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A Brooklyn man found out on Monday that he’d tested positive for the coronavirus — more than two weeks after getting the jab.
Matthew Sambolin, 39, told The Post that though he opted for the one-dose Johnson & Johnson vaccine because it was “convenient,” he now wishes he’d gotten the Pfizer or Moderna shot instead.
“The risk was there, I was willing to take it. Now I’m wishing I made a different decision,” he said in a phone call from the spare bedroom of his Bath Beach home, where he’s currently quarantining.
Sambolin said he was experiencing minor symptoms, including a light cough and fatigue.
While a rapid test he took Saturday came back negative, a PCR test, which is more accurate, returned positive for COVID-19 on Sunday, according to documentation he provided.
“It was a shock,” Sambolin said of learning about his positive test on Monday.
An operations manager for two local radio stations, Sambolin said he had “no ambivalence” about the COVID vaccine and had been looking forward to getting his.
“I wanted to help get the herd immunity up,” he said.
Sambolin also said he thought it was important to get vaccinated to help keep safe his young daughter Nora, who is almost two, and for the sake of the employees he manages.
He got the shot on March 24 at the NYPD Community Center in East New York, according to his vaccine card.
Sambolin wanted to get the J&J jab because he wanted to be vaccinated when he drove down to Myrtle Beach, South Carolina that weekend.
On Wednesday — the two-week mark since he got his shot, which is when experts say he would be considered fully vaccinated — Sambolin believes he was exposed to the virus via a co-worker who later tested positive for COVID.
Throughout the pandemic, Sambolin says he’s taken all the recommended precautions, including mask-wearing and social-distancing, and hasn’t been on public transportation in over a year, though he still goes to the office.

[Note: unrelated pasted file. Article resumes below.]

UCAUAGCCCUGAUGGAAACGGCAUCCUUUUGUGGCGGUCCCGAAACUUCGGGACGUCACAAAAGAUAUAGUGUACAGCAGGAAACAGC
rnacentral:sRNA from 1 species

After finding out on Saturday that his colleague had come down with the bug, Sambolin and his wife got tested at their local CityMD. Both her rapid test and PCR were negative.
Sambolin said he decided to tell his story after seeing other coverage of people who’d gotten the J&J jab and then come down with COVID, including The Post’s stories about a Brooklyn woman who tested positive three weeks after her vaccine and a New Jersey man hospitalized with the virus five weeks after his shot.
Sporadic cases of post-vaccine horror stories have popped up in local news around the country. Health experts say that while vaccinated people can still catch the bug, the likelihood of that happening is far lower than in people who aren’t inoculated.
“The vaccine does not necessarily prevent you from getting COVID. It prevents you from being hospitalized or dying from it,” Dr. Kris Bungay, a Manhattan primary care physician, previously told The Post. “That is why we all still have to be careful.”
“It was not common in the clinical trials for patients to be symptomatic after getting vaccinated,” Bungay added.
Moderna’s and Pfizer’s two-dose vaccines are 94% and 95% effective, respectively, at preventing symptomatic coronavirus infections after two doses, according to the CDC. The single-dose J&J vaccine only provides 66% protection.
Sambolin said he hoped more people would consider that data before getting their shot.
“I still think getting vaccinated is still definitely the way to get to herd immunity,” he said, but “I hope that they consider really weighing the different effectiveness.”
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